Santo Domingo is the biggest church in Oaxaca, and seems to be where everything happens. The grounds take up four square blocks, and consist of the church, the ex-convent (which is now a huge museum), the botanical gardens, and the buildings at the entrance to the gardens, at least part of which is a library.
The front door to the church faces west.
Behind the church (at the top right) is the entrance to the gardens and library. They restrict entry to the gardens, so you have to sign up for a guided tour in order to see it.
There are several open courtyards, but hardly any doors accessing them.
One of the bell towers
The church at night
The garden in front of the church is fairly monotonous, but at least people are not tempted to walk through the middle of it.
As you walk into the church, the amount of embellishment everywhere is a bit overwhelming.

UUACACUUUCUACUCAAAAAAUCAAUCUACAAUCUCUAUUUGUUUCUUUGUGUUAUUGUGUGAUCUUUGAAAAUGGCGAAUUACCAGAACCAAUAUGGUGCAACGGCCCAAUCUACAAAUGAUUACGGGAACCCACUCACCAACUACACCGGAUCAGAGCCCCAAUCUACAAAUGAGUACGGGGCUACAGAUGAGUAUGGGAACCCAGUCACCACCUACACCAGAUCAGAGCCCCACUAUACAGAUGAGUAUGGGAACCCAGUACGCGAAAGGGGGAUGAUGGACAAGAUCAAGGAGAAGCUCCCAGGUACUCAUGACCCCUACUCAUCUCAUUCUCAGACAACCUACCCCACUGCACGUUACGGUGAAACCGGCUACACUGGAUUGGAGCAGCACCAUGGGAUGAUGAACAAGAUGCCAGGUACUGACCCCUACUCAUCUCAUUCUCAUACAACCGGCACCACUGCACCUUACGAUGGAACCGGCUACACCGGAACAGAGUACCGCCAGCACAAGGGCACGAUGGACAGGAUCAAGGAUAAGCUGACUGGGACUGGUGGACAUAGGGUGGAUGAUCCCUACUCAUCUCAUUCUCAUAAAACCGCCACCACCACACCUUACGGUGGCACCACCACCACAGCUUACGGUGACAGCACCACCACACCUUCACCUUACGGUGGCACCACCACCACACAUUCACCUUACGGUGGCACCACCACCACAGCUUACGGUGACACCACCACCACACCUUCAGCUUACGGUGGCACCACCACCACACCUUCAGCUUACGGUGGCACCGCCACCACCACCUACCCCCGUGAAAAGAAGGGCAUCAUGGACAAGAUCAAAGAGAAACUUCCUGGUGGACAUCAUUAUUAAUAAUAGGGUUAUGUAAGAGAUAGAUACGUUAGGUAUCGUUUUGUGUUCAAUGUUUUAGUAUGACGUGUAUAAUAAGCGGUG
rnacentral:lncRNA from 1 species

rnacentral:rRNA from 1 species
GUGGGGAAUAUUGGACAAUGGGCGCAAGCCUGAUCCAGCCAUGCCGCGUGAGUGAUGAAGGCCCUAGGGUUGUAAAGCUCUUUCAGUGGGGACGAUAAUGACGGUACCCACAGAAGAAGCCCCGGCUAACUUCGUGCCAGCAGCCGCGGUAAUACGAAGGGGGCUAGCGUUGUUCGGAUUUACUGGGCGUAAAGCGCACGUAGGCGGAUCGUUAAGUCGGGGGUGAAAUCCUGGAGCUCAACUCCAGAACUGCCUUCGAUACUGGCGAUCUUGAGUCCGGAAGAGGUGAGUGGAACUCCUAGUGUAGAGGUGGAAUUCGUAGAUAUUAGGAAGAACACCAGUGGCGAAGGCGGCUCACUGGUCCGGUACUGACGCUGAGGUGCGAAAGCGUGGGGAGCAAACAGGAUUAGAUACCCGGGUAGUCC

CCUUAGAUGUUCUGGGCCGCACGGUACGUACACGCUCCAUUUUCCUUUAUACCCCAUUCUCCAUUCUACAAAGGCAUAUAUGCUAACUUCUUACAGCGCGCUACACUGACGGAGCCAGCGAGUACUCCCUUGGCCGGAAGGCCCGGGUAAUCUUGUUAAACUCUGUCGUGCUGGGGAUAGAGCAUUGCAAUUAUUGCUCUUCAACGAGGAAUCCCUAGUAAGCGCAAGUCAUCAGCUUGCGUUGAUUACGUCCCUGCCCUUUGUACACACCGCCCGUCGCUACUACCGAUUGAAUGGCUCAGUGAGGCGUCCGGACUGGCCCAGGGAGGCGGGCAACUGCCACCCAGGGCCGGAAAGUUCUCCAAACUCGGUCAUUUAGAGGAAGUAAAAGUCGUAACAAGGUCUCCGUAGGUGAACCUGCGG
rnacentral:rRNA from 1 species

Side chapel with light streaming in
The painting covering the walls at the entrance to the convent is quite detailed and elaborate. This portion shows a list of dates that the buildings were built or renovated. This design was painted on most of the first floor ceiling arches.
Upstairs in the convent, there are very long, cool hallways. The walls are very thick, and keep out the hot sun.
This is the courtyard at the entrance to the convent. It has a fountain in the middle and rainspouts held by little faces all around the edge.
I call this one the cobblestone courtyard. That’s all that it had in it. The rooms on the first floor were not open to us, but the upper floor contained museum rooms full of artifacts on different topics.
The round roofs are brick. See next picture for the inside view.
The ceilings are often the most interesting part of the room.
There are many icons in the alcoves of the main part of the church.